Facebook CEO Mark Zuckerberg made several reveals during the company’s annual developer conference F8, including the ability for users to clear their history. The move is a response to the Cambridge Analytica scandal and congressional hearings regarding privacy concerns.
Zuckerberg explained in a post about the new feature: “In your web browser, you have a simple way to clear your cookies and history. The idea is a lot of sites need cookies to work, but you should still be able to flush your history whenever you want. We’re building a version of this for Facebook too. It will be a simple control to clear your browsing history on Facebook—what you’ve clicked on, websites you’ve visited, and so on.”
However, clearing your history won’t delete all your information from Facebook’s servers. Information from your personal account will be erased, but your browsing history will be stored—just without your identity attached to it.
Clearing one’s history has some drawbacks, according to Zuckerberg: “To be clear, when you clear your cookies in your browser, it can make parts of your experience worse. You may have to sign back in to every website, and you may have to reconfigure things. The same will be true here. Your Facebook won’t be as good while it relearns your preferences.
“But after going through our systems, this is an example of the kind of control we think you should have. It’s something privacy advocates have been asking for—and we will work with them to make sure we get it right.”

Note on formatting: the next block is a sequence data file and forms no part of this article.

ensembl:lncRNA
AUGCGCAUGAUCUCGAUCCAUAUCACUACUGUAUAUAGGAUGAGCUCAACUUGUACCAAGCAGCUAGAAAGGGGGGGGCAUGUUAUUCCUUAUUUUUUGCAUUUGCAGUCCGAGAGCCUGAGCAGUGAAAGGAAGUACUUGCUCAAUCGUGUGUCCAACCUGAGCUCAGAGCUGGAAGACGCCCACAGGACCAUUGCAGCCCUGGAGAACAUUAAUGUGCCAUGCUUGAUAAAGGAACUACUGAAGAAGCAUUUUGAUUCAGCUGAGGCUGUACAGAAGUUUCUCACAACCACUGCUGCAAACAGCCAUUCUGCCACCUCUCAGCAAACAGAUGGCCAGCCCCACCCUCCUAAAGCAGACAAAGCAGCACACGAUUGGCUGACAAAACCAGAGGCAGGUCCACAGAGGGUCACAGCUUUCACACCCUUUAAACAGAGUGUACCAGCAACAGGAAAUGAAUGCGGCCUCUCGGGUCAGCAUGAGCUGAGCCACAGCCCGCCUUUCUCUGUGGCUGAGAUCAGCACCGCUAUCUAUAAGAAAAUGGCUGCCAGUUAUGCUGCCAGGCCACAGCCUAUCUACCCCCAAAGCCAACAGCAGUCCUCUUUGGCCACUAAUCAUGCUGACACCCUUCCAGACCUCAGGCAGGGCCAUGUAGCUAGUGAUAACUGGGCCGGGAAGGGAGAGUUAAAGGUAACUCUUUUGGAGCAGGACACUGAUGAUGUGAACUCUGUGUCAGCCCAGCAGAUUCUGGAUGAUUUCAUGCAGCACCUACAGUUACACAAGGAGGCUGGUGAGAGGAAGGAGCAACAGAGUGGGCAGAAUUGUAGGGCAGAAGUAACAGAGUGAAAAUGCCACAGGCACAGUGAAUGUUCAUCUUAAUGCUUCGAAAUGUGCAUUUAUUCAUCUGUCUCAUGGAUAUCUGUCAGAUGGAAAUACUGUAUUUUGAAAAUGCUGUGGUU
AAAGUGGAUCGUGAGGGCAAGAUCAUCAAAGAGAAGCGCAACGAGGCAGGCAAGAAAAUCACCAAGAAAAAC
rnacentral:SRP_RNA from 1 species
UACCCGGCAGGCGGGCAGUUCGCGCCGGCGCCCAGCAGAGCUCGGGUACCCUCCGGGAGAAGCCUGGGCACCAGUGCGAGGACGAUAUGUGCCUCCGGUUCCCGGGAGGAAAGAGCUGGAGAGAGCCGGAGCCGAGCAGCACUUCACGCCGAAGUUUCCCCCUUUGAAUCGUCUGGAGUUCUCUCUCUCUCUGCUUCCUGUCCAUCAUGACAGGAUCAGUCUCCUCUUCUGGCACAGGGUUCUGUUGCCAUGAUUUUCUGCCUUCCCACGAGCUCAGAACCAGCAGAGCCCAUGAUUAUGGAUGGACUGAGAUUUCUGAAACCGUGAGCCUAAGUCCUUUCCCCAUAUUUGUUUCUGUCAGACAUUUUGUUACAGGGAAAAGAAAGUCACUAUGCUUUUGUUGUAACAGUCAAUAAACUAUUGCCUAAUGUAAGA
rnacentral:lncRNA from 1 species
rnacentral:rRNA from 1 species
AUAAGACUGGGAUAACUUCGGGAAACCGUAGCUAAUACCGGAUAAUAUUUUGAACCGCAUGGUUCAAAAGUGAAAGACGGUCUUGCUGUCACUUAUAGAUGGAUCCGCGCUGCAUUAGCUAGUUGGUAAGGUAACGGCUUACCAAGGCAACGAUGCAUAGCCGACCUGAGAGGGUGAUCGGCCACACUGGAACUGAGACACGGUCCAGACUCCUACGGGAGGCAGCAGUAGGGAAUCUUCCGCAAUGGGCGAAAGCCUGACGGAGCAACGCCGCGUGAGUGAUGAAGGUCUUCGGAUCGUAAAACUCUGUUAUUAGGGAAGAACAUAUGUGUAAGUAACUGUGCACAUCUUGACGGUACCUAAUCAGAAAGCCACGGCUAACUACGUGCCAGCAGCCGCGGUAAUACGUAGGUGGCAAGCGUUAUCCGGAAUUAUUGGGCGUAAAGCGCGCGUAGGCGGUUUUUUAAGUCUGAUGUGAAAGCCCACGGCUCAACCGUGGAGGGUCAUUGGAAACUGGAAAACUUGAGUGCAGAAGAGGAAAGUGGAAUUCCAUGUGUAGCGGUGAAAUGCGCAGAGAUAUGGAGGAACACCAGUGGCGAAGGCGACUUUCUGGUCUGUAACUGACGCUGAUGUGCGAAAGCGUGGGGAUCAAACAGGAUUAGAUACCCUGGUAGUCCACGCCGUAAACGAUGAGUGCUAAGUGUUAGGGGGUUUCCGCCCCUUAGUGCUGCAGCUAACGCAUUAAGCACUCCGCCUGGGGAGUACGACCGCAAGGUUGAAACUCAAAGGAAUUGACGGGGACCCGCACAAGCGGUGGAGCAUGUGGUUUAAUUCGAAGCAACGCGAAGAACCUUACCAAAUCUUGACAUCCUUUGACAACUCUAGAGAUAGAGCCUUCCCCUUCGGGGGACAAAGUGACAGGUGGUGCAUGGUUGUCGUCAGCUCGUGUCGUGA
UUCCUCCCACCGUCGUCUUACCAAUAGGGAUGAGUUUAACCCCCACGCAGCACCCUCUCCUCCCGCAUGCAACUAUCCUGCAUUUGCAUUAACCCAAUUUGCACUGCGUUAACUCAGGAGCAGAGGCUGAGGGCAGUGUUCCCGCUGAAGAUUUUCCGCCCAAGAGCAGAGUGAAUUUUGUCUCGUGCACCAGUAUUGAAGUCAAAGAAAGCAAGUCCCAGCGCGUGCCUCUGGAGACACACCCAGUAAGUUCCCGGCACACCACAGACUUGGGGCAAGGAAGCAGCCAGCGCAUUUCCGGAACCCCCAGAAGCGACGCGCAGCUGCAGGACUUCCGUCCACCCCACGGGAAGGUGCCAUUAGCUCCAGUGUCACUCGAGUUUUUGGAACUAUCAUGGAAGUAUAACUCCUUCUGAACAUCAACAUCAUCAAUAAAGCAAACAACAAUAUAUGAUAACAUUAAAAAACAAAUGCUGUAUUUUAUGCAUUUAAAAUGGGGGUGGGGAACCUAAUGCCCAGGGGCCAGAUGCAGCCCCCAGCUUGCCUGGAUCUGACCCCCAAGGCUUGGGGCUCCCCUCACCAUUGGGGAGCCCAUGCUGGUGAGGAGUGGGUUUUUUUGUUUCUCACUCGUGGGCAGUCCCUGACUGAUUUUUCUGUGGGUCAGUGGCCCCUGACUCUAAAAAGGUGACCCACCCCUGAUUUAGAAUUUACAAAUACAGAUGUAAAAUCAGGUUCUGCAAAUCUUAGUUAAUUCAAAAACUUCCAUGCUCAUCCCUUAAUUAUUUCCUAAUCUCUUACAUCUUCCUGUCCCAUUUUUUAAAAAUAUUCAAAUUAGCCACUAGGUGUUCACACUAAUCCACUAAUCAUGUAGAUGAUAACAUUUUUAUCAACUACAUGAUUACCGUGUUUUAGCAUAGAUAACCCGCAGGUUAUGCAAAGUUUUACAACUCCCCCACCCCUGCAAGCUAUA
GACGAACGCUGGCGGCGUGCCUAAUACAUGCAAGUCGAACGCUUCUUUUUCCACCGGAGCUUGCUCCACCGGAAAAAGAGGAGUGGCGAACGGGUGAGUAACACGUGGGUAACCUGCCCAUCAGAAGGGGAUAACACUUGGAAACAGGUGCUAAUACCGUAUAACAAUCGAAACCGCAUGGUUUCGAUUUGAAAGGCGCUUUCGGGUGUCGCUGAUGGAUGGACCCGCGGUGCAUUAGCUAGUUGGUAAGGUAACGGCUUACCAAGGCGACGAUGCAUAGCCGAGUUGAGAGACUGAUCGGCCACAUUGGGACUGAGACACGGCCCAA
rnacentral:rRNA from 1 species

Facebook noted that it will take a few months to build the option. Meanwhile, the company will continue to monitor people’s activities—what posts they like, what stories they click on, and so on.
In another development, Facebook is working on a dating feature for the 200 million people who use the social media platform and are single. Users will be able to set up a profile that won’t be visible to friends and won’t appear in the news feed. People must opt-in to use the feature and will not be matched with anyone they are already friends with, reported CNN.
Those seeking love will be able to browse events and groups and interact with others who share the same interests. Their dating profile will be “unlocked” and shared with others. Users will also be able to use a private messaging inbox that’s not connected to Messenger or WhatsApp apps.
The move puts Facebook in competition with online dating sites such as Tinder, Match.com and OKCupid. It’s scheduled to be released later this year.